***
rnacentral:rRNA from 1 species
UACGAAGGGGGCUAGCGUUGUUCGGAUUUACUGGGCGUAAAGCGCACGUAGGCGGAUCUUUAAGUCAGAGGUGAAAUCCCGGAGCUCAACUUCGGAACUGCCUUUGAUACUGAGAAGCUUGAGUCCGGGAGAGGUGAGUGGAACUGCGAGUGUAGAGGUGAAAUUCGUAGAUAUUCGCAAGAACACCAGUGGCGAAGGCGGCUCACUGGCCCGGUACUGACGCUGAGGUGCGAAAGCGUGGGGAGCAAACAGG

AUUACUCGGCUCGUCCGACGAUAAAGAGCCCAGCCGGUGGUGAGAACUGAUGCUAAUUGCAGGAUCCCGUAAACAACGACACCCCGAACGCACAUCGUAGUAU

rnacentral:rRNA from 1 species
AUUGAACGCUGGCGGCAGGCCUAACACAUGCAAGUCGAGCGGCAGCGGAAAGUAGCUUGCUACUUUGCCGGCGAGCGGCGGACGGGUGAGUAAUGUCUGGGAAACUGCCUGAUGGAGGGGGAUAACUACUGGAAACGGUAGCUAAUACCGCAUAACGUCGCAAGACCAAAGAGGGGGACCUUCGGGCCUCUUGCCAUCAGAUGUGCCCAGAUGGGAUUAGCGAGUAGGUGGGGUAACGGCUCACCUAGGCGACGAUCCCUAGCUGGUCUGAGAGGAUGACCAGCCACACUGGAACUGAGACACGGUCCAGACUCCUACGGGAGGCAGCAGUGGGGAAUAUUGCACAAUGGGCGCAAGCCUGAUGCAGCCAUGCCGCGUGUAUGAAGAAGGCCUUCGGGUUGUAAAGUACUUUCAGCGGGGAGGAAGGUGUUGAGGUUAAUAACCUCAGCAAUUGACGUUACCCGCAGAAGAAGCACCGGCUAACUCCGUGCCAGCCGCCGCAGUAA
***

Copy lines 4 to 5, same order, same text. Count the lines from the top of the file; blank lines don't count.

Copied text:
rnacentral:rRNA from 1 species
AUUGAACGCUGGCGGCAGGCCUAACACAUGCAAGUCGAGCGGCAGCGGAAAGUAGCUUGCUACUUUGCCGGCGAGCGGCGGACGGGUGAGUAAUGUCUGGGAAACUGCCUGAUGGAGGGGGAUAACUACUGGAAACGGUAGCUAAUACCGCAUAACGUCGCAAGACCAAAGAGGGGGACCUUCGGGCCUCUUGCCAUCAGAUGUGCCCAGAUGGGAUUAGCGAGUAGGUGGGGUAACGGCUCACCUAGGCGACGAUCCCUAGCUGGUCUGAGAGGAUGACCAGCCACACUGGAACUGAGACACGGUCCAGACUCCUACGGGAGGCAGCAGUGGGGAAUAUUGCACAAUGGGCGCAAGCCUGAUGCAGCCAUGCCGCGUGUAUGAAGAAGGCCUUCGGGUUGUAAAGUACUUUCAGCGGGGAGGAAGGUGUUGAGGUUAAUAACCUCAGCAAUUGACGUUACCCGCAGAAGAAGCACCGGCUAACUCCGUGCCAGCCGCCGCAGUAA